I first got to know Yehezkel Braun in 1982. I was writing my doctoral thesis, in part, about his music, and he consented to be interviewed. Yehezkel was teaching at Brandeis University that year. I soon discovered that this man was as sweet as his music. He was a true humanist, as interested in literature as he was in music. He spent time with the monks at the Solemnes monastery, studying Gregorian chant and comparing it to Jewish chant. He was born in Germany and was brought to Palestine as a child. He was a peaceful man, but served in the Israeli army. He was a humble man, but he was the recipient of the Israel Prize, and his many compositions for chorus, for orchestra and for many combinations of instruments have been performed by prestigious ensembles all over the world.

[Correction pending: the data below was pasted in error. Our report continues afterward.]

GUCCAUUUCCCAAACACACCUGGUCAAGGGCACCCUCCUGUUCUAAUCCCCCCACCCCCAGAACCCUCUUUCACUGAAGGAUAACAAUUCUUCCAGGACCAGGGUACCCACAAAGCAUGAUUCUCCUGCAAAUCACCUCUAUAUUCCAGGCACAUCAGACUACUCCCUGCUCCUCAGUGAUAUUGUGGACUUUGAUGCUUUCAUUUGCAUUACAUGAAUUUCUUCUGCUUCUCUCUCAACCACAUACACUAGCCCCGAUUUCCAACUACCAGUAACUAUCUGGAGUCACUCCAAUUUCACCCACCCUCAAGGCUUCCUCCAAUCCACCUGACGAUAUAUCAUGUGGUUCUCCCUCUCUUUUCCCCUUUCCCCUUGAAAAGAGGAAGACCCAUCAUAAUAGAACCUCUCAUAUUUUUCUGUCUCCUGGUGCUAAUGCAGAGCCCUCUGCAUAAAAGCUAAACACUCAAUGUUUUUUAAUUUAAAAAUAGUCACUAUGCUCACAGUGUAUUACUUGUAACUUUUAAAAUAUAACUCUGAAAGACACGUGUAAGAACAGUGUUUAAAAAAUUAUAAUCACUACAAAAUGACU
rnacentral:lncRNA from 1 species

In 1982 the Zamir Chorale of Boston was privileged to be part of a concert of Yehezkel’s music at Brandeis. I still remember conducting a charming piece with the unlikely title of “The Rules for Blowing the Shofar.” Since then we have performed one or more of Yehezkel’s wonderful choral pieces nearly every season, including several pieces that he composed for us. Singers love his music because Yehezkel loved melody, and made sure that every voice part had something gracious to sing.
Yehezkel passed away this week. We will miss him, his intellectual banter, his fascinating stories about Israel’s early years, his engaging smile. But, of course, his music lives on.
27 August, 2014